The second song is rhythmic, agitated, and both artists projected it feverishly. Here the character identifies himself as Jedermann, in a gripping high point to the song. At this moment, the haunting chimes return. The ending is massive and powerful, and it was portrayed with great drama.

The brief third song is meditative. Here McMillan showed the quiet inner quality which one had sought more of in the earlier Schumann. The calm doesn’t last long, as the fourth song, also brief, picks up again on the tortured nature of the Jedermann character. The German title has the word for “annihilated” in it. The two-note chiming motive returns in harsh, rhythmic guise here. The mood calms at the start of the following song, as Jedermann is coming to accept his fate and embraces faith. The piano, richly and resonantly played here, carries the song to its peroration against the background of the admission: “von Sünden habe ich einen Berg” – I have a mountain of sins. The piano created a most portentious atmosphere.

In the last song, Jedermann embraces God and Death. It is not without passion, arriving at a high point on the word “Glorie.” The moving ending has Jedermann embracing Christ, and the piano resolving the drama on two open C chords. This was a powerful performance of a powerful piece.

Schumann’s Dichterliebe concluded the program. Schumann’s song output is one of the crown jewels in a century of great lied composers extending from Beethoven to Schoenberg. And no work, it might be fair to say, surpasses Schumann’s sublime Dichterliebe.

A high point of the cycle in this performance was “Ich grolle nicht” in a memorably passionate rendering. One would have appreciated “Aus meinen Tränen sprieβen” being gentler and more intimate – a character so essential to this cycle. “Ein Jüngling liebt ein Mädchen,” might have had a lighter, jauntier character. “Am leuchtenden Sommermorgen” featured beautiful tracery in the piano and quiet passion from McMillan, with a rapturously beautiful moment at the ending, “sei unsere Schwester nicht bӧse” followed by a poetically played epilogue in the piano. “Ich hab’ im Traum geweinet” came to a wonderful contrast in the third verse, with ultra-legato from both voice and piano. “Das ist ein Flӧten und Geigen” was rather weighty in both voice in piano, but also came to a brilliant conclusion in the piano. The final song, “Die alten, bӧsen Lieder” captured it all: the epic marching quality of the first section, the deep change in color leading to the word “Grab” (grave), the air of mystery following it, the quiet passion which ends the singer’s role in the story, and finally the transcendent piano postlude, played with the greatest poetry and expression.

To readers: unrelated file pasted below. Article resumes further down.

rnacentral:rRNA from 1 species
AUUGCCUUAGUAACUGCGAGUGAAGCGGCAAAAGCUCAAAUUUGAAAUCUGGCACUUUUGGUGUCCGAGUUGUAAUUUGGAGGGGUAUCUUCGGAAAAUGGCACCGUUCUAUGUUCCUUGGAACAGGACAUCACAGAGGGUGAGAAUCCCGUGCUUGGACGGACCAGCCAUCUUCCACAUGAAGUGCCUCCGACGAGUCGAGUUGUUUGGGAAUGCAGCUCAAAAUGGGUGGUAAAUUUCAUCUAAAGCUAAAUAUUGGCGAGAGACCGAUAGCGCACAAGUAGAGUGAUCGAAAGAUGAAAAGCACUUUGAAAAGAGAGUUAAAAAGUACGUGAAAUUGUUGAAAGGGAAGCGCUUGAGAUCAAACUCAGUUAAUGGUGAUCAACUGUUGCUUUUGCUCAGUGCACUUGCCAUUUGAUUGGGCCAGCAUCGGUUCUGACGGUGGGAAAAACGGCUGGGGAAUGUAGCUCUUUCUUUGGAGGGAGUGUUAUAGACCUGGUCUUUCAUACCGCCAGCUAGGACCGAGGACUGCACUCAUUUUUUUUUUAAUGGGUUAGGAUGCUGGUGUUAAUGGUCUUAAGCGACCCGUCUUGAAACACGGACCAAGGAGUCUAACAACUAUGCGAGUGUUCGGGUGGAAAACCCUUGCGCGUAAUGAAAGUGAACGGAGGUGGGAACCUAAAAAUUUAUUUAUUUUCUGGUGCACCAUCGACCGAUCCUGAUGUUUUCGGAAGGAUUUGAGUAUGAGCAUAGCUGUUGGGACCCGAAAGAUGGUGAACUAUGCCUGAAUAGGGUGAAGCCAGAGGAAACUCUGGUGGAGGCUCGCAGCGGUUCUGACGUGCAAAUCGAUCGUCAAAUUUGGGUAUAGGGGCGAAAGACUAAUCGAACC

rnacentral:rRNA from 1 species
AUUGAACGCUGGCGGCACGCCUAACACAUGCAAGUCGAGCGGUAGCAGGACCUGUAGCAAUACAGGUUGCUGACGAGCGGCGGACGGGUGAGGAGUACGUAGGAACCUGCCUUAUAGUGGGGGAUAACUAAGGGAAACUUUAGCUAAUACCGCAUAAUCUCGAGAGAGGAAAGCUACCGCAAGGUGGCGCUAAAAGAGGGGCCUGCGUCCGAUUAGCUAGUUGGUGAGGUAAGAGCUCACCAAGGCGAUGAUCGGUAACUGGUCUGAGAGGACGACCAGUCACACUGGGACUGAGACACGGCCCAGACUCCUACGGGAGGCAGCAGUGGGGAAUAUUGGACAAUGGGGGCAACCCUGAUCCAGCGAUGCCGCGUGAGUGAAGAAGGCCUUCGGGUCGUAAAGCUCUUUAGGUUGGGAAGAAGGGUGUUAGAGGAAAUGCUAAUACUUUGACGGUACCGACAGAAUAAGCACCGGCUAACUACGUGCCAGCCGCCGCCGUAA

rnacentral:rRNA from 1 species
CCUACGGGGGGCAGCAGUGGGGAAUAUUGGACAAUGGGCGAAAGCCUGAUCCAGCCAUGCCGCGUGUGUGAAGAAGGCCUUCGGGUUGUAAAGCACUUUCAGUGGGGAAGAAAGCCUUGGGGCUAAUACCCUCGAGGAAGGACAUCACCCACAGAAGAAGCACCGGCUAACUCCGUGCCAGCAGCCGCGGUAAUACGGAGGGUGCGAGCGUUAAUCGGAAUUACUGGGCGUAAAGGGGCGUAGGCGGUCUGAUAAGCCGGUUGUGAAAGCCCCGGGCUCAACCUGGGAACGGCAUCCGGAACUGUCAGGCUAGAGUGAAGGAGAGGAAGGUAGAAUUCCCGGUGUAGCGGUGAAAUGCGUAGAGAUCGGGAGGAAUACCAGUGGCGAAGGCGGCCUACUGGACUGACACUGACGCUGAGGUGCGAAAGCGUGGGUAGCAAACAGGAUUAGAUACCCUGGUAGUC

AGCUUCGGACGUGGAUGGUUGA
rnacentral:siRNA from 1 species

There was a lovely, rather elegiac encore titled “Laululle” (To Song), carrying the lyricism of Schubert’s similarly named “An die Musik.” The ending especially was simple and beautiful.

A feature which needs to be mentioned is the great clarity of McMillan’s German. Not to be taken for granted, it was a great asset for the words to be heard so transparently as they were, enriched and coupled with melody and with the piano.

Alongside the musical qualities of the performance, note should be made about the high quality of the streaming broadcast itself. The tone was clear, in part probably a function of what seemed like a resonant hall acoustic. There were varying camera angles and the stream came with a scroll bar, enabling the listener to revisit favorite sections. Finally, in a particularly strong addition, English translation of the text was displayed continuously (with a few hiccups) on a screen behind the stage. Sub- and supertitles have become ubiquitous in opera, but to have them in a song recital is, in this writer’s experience, exceptional. It was a huge benefit for the listener to be able to follow the line-by-line meaning. In every way, this streaming performance gave listeners, both in the socially-distanced audience and virtually, the best possible experience.